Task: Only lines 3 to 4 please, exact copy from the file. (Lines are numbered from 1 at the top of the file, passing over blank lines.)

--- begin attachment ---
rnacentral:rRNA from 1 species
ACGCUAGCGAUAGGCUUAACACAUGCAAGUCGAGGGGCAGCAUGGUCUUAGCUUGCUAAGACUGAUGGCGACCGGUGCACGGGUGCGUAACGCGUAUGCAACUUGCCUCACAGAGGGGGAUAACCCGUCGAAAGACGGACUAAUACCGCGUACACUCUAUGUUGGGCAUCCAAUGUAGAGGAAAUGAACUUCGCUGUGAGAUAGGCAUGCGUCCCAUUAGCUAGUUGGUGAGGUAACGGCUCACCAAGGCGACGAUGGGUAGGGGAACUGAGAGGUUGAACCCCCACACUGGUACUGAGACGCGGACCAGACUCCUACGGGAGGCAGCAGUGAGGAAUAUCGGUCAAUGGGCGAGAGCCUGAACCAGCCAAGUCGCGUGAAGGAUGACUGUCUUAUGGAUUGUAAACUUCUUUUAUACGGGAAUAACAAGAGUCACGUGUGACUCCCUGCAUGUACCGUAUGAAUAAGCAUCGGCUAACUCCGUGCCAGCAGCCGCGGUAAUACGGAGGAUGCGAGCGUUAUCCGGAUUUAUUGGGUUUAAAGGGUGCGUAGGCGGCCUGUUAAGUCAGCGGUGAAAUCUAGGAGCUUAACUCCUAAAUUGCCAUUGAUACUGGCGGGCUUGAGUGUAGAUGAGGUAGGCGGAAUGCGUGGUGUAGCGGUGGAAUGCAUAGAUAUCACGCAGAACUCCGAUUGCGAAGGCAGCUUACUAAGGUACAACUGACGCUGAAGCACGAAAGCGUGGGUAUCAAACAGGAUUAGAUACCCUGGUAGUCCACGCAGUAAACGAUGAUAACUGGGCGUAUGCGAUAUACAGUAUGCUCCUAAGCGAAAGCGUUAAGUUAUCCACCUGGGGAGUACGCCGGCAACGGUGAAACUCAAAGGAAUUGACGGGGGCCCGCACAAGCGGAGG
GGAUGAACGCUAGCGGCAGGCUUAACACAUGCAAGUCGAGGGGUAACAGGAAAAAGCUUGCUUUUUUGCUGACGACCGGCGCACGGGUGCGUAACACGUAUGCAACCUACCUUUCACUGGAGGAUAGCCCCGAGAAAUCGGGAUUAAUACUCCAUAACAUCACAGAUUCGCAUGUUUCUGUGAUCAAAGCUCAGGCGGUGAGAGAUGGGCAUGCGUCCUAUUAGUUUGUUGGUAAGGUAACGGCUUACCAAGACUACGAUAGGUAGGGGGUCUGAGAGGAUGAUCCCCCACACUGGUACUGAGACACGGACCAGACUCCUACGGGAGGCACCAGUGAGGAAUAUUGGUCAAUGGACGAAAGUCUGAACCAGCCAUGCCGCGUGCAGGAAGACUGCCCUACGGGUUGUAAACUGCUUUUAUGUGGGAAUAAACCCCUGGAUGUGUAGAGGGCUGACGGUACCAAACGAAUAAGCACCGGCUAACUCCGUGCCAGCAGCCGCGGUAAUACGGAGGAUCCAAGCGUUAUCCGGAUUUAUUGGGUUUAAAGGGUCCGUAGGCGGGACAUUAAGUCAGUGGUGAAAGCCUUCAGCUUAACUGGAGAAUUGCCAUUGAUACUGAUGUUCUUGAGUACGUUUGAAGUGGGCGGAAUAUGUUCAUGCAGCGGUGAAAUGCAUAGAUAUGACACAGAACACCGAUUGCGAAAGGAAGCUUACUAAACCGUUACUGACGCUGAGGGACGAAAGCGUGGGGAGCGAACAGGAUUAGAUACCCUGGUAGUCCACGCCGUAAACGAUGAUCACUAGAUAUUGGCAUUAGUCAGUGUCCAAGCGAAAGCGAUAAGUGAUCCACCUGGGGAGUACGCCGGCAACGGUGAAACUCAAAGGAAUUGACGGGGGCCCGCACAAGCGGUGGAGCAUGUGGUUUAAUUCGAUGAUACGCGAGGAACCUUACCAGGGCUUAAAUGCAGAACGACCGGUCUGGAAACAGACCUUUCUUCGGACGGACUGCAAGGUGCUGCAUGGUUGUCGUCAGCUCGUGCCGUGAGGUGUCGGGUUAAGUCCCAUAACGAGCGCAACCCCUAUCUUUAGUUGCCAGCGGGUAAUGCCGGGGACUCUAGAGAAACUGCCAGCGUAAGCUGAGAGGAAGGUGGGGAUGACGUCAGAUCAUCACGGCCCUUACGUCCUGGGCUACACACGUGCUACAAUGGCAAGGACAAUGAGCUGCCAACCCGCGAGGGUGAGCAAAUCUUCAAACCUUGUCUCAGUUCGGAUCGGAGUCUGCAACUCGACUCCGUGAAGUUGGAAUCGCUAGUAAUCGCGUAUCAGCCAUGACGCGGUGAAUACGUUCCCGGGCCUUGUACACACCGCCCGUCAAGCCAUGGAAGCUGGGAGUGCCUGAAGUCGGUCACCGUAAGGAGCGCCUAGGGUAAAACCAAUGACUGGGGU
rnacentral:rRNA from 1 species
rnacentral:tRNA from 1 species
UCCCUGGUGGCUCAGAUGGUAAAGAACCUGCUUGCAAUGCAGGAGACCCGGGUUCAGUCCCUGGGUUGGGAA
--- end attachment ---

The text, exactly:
GGAUGAACGCUAGCGGCAGGCUUAACACAUGCAAGUCGAGGGGUAACAGGAAAAAGCUUGCUUUUUUGCUGACGACCGGCGCACGGGUGCGUAACACGUAUGCAACCUACCUUUCACUGGAGGAUAGCCCCGAGAAAUCGGGAUUAAUACUCCAUAACAUCACAGAUUCGCAUGUUUCUGUGAUCAAAGCUCAGGCGGUGAGAGAUGGGCAUGCGUCCUAUUAGUUUGUUGGUAAGGUAACGGCUUACCAAGACUACGAUAGGUAGGGGGUCUGAGAGGAUGAUCCCCCACACUGGUACUGAGACACGGACCAGACUCCUACGGGAGGCACCAGUGAGGAAUAUUGGUCAAUGGACGAAAGUCUGAACCAGCCAUGCCGCGUGCAGGAAGACUGCCCUACGGGUUGUAAACUGCUUUUAUGUGGGAAUAAACCCCUGGAUGUGUAGAGGGCUGACGGUACCAAACGAAUAAGCACCGGCUAACUCCGUGCCAGCAGCCGCGGUAAUACGGAGGAUCCAAGCGUUAUCCGGAUUUAUUGGGUUUAAAGGGUCCGUAGGCGGGACAUUAAGUCAGUGGUGAAAGCCUUCAGCUUAACUGGAGAAUUGCCAUUGAUACUGAUGUUCUUGAGUACGUUUGAAGUGGGCGGAAUAUGUUCAUGCAGCGGUGAAAUGCAUAGAUAUGACACAGAACACCGAUUGCGAAAGGAAGCUUACUAAACCGUUACUGACGCUGAGGGACGAAAGCGUGGGGAGCGAACAGGAUUAGAUACCCUGGUAGUCCACGCCGUAAACGAUGAUCACUAGAUAUUGGCAUUAGUCAGUGUCCAAGCGAAAGCGAUAAGUGAUCCACCUGGGGAGUACGCCGGCAACGGUGAAACUCAAAGGAAUUGACGGGGGCCCGCACAAGCGGUGGAGCAUGUGGUUUAAUUCGAUGAUACGCGAGGAACCUUACCAGGGCUUAAAUGCAGAACGACCGGUCUGGAAACAGACCUUUCUUCGGACGGACUGCAAGGUGCUGCAUGGUUGUCGUCAGCUCGUGCCGUGAGGUGUCGGGUUAAGUCCCAUAACGAGCGCAACCCCUAUCUUUAGUUGCCAGCGGGUAAUGCCGGGGACUCUAGAGAAACUGCCAGCGUAAGCUGAGAGGAAGGUGGGGAUGACGUCAGAUCAUCACGGCCCUUACGUCCUGGGCUACACACGUGCUACAAUGGCAAGGACAAUGAGCUGCCAACCCGCGAGGGUGAGCAAAUCUUCAAACCUUGUCUCAGUUCGGAUCGGAGUCUGCAACUCGACUCCGUGAAGUUGGAAUCGCUAGUAAUCGCGUAUCAGCCAUGACGCGGUGAAUACGUUCCCGGGCCUUGUACACACCGCCCGUCAAGCCAUGGAAGCUGGGAGUGCCUGAAGUCGGUCACCGUAAGGAGCGCCUAGGGUAAAACCAAUGACUGGGGU
rnacentral:rRNA from 1 species